The CN Tower is the most iconic image of Toronto, and for a time, it was the world’s tallest freestanding structure, looming above the city’s skyline like a beacon. For the undisputed best view in the city, the CN Tower definitely can’t be beat. It’s a great spot to include in a day of sightseeing. Every kid has to go up the tower at least once, and here’s what they can expect.
Best CN Tower Attractions for Kids
If you’ve been thinking about visiting the CN Tower with your kids, now is great time to do it, after a 2018 renovation that added accessibility improvements, including floor-to-ceiling windows on the LookOut Level, so young children can now see out without being lifted up.
There’s no getting around it. Lineups to get into the CN Tower are long. Even arriving at 7 pm, we had to wait in line for 40 minutes to get to the elevator up to the LookOut Level. Luckily, there were a few distractions along the way for antsy kids. The line for the elevator snakes through Skyquest Cinema, with a bunch of screens showing videos of the tower’s construction, the EdgeWalk, and more. There’s also a giant (well, probably regular-size) moose to pose with. And beyond the Cinema, a magician entertains the line. (He may even tell you how to do the trick!)
The ride to the top is half the fun! The elevators rocket up to the LookOut Level in only 58 seconds, and it was some kids’ favourite experience of the entire trip. With glass panels in the sides and floor, there’s a lot to see, albeit very quickly.
The floor-to-ceiling Window Walls, newly installed in 2018, allow even wee ones to see as far as New York State, and the new Glass Floor (also installed in 2018, a level above the original one) adds another perspective to their view. The Glass Floor can withstand the weight of 35 moose or more than 21,000 pounds, so kids are allowed—and even encouraged—to sit, lie, or jump up and down on the floor while parents quietly have an anxiety attack. And there are snack bars at this level, so children who are suddenly desperately hungry or thirsty need not interrupt the well-dressed patrons of the 360 Restaurant.
Outdoor Sky Terrace
One floor down from the LookOut Level you can head outside to the Outdoor Sky Terrace. Standing 1,100 feet above the ground feels that much more real when you can feel the wind in your hair and hear the sounds of the city! Heading inside, you will find the original Glass Floor, where you have another opportunity look down to the ground below.
CN Tower KidZone
Before or after your tower trip, plan some time at the base of the CN Tower where there are games and other diversions designed for kids ages 3–8 in the KidZone interactive play area. Sock-footed kids can climb through the play structure, ride some rocking toys, and slide down the slide. Opened in 2014, the 1,500-square-foot space is in the former arcade.
Where to Eat at the CN Tower
The formal dining 360 Restaurant does revolve, so it may not be suitable for those who tend to get woozy. It’s also populated by couples on the town in the evening, but it does have a kids’ menu ($40 prix-fixe for ages 12 and under; adults $65 or $79 prix-fixe, depending on number of courses). To grab a quick meal on the go, Le Café is located at the base of the CN Tower. There are cafés on the LookOut Level, too.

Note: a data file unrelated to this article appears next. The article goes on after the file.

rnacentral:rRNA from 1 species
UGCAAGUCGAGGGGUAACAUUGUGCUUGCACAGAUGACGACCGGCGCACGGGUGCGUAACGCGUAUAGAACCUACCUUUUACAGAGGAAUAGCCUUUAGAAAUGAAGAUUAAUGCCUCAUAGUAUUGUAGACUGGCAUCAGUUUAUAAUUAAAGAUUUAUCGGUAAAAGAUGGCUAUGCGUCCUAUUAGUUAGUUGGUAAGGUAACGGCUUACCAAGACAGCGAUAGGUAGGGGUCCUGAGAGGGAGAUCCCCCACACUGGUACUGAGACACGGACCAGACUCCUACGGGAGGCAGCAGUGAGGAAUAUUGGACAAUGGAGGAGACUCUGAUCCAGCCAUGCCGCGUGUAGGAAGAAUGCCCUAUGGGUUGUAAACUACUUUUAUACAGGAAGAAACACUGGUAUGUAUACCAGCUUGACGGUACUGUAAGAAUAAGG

Tips for your CN Tower Visit
Brush up on your CN Tower history. Brush up on history, architecture, and science of the CN Tower before or after your trip to make it that much more interesting for the whole family.
Save with combo tickets. If you plan to visit other major attractions in Toronto, combo tickets can save you some money. The Sea The Sky ticket ($37) includes passes to the CN Tower and Ripley’s Aquarium—and you can use it any time within a six-month period. A Toronto CityPASS ($59 per child) is an even better deal—it includes the CN Tower, Cast Loma, the ROM, Ripley’s Aquarium, and the Toronto Zoo or Ontario Science Centre—though it must be used within 9 days. You can also get 15% off your ticket price if you can show a Blue Jays ticket from the same day.
Consider skipping the SkyPod. The SkyPod is another 33 storeys above the LookOut Level, but costs an extra $15. Most kids will be satisfied with the view at the first level and it may not be worth the extra money to take that extra trip.
Go early…or late. The CN Tower opens at 8:30 am and doesn’t close until 11 pm. Early morning or during the evening are the least busy times, and you’ll be able to avoid the crowds and not have to be jostled when you’re trying to see the spectacular view. And also, if your kids are old enough to stay up a bit later, you can watch the sun go down!
No, kids can’t do the EdgeWalk. You must be 13 or older (and at least 75 pounds) to brave the hands-free external walk on a 5-foot-wide ledge 116 storeys off the ground.
Address: 301 Front Street West, Toronto (the entrance is on Bremner Boulevard). There are limited paid parking lots nearby and in the Convention Centre. There is also free street parking nearby, on the weekends, if you can find it.
Hours: Observation levels are open daily 8:30 am–11 pm.
Admission: General admission for the two main observation levels: $38 adults (ages 13–64), $28 kids (ages 4–12), $34 seniors.